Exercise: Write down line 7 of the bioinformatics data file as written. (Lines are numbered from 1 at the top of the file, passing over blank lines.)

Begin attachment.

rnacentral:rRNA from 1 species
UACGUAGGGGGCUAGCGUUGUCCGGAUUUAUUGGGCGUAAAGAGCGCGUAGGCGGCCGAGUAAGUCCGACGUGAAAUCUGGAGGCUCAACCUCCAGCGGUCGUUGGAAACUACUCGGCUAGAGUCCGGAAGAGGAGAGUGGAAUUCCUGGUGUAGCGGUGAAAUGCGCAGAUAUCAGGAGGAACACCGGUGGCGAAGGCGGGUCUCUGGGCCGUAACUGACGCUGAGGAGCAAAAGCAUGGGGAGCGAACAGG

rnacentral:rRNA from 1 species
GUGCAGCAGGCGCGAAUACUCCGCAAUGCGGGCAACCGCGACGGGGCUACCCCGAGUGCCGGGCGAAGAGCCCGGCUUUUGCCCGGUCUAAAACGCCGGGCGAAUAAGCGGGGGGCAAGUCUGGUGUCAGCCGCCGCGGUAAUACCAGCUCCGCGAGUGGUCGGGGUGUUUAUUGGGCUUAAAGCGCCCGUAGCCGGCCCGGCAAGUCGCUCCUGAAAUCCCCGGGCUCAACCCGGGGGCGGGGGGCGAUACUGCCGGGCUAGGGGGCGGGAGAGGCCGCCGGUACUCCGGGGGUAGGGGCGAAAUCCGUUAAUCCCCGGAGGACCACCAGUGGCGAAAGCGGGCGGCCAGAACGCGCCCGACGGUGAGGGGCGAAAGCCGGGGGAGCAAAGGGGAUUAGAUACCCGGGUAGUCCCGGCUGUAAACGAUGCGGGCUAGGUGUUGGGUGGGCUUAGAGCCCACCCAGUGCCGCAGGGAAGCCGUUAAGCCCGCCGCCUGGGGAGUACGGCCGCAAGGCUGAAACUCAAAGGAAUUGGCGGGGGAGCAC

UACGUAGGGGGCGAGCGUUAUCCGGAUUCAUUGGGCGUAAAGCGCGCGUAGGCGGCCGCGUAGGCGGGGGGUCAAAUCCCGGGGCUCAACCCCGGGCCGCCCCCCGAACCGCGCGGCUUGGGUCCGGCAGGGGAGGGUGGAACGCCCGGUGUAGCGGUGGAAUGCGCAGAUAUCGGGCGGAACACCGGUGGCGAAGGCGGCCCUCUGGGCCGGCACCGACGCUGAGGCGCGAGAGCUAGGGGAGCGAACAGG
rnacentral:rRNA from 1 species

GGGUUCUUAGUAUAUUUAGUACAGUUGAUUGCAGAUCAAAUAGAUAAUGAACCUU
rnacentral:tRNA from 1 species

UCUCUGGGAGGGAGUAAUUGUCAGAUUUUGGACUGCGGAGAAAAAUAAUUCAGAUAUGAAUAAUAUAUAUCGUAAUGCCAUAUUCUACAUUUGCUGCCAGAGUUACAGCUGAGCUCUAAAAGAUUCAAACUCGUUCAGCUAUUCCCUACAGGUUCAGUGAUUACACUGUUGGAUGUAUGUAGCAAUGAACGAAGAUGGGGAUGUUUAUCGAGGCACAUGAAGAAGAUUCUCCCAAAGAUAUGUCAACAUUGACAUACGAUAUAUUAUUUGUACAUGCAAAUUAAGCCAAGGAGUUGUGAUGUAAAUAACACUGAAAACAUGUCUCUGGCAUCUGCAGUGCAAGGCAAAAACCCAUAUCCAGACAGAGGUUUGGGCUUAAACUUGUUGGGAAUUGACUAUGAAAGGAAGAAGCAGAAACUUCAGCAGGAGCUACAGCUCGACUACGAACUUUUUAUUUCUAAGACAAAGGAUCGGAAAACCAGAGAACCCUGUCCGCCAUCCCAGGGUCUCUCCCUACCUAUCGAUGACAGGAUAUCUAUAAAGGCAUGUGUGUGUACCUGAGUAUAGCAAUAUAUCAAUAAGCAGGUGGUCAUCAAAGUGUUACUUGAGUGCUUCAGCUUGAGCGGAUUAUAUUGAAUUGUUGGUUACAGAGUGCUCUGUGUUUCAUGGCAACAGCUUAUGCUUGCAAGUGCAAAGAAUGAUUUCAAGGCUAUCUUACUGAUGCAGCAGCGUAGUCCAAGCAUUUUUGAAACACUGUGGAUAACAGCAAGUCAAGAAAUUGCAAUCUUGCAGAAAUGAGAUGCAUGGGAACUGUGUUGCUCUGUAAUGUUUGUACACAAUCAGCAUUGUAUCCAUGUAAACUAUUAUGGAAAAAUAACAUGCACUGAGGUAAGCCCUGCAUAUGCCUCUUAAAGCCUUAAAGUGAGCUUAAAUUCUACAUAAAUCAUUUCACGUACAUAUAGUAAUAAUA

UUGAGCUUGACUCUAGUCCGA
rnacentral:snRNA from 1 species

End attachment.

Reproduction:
GGGUUCUUAGUAUAUUUAGUACAGUUGAUUGCAGAUCAAAUAGAUAAUGAACCUU